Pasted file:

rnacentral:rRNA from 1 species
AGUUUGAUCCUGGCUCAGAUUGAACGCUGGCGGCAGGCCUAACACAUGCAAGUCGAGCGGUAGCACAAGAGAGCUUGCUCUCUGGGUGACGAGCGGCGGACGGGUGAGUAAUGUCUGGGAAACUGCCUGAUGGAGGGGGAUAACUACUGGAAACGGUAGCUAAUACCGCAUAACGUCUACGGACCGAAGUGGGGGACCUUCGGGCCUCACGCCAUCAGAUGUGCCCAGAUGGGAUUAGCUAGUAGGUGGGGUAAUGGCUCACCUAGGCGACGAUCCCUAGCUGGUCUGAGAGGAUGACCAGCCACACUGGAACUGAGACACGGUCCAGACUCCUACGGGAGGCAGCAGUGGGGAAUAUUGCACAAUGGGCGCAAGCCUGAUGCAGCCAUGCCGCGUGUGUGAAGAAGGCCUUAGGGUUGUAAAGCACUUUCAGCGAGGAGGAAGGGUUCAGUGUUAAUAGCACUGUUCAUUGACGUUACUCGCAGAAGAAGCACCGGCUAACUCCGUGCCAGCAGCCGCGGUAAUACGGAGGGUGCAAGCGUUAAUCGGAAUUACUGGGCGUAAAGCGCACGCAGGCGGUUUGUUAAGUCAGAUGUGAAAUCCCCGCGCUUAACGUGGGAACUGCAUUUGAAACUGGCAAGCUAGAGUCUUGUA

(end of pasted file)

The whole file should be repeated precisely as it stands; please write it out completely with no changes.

rnacentral:rRNA from 1 species
AGUUUGAUCCUGGCUCAGAUUGAACGCUGGCGGCAGGCCUAACACAUGCAAGUCGAGCGGUAGCACAAGAGAGCUUGCUCUCUGGGUGACGAGCGGCGGACGGGUGAGUAAUGUCUGGGAAACUGCCUGAUGGAGGGGGAUAACUACUGGAAACGGUAGCUAAUACCGCAUAACGUCUACGGACCGAAGUGGGGGACCUUCGGGCCUCACGCCAUCAGAUGUGCCCAGAUGGGAUUAGCUAGUAGGUGGGGUAAUGGCUCACCUAGGCGACGAUCCCUAGCUGGUCUGAGAGGAUGACCAGCCACACUGGAACUGAGACACGGUCCAGACUCCUACGGGAGGCAGCAGUGGGGAAUAUUGCACAAUGGGCGCAAGCCUGAUGCAGCCAUGCCGCGUGUGUGAAGAAGGCCUUAGGGUUGUAAAGCACUUUCAGCGAGGAGGAAGGGUUCAGUGUUAAUAGCACUGUUCAUUGACGUUACUCGCAGAAGAAGCACCGGCUAACUCCGUGCCAGCAGCCGCGGUAAUACGGAGGGUGCAAGCGUUAAUCGGAAUUACUGGGCGUAAAGCGCACGCAGGCGGUUUGUUAAGUCAGAUGUGAAAUCCCCGCGCUUAACGUGGGAACUGCAUUUGAAACUGGCAAGCUAGAGUCUUGUA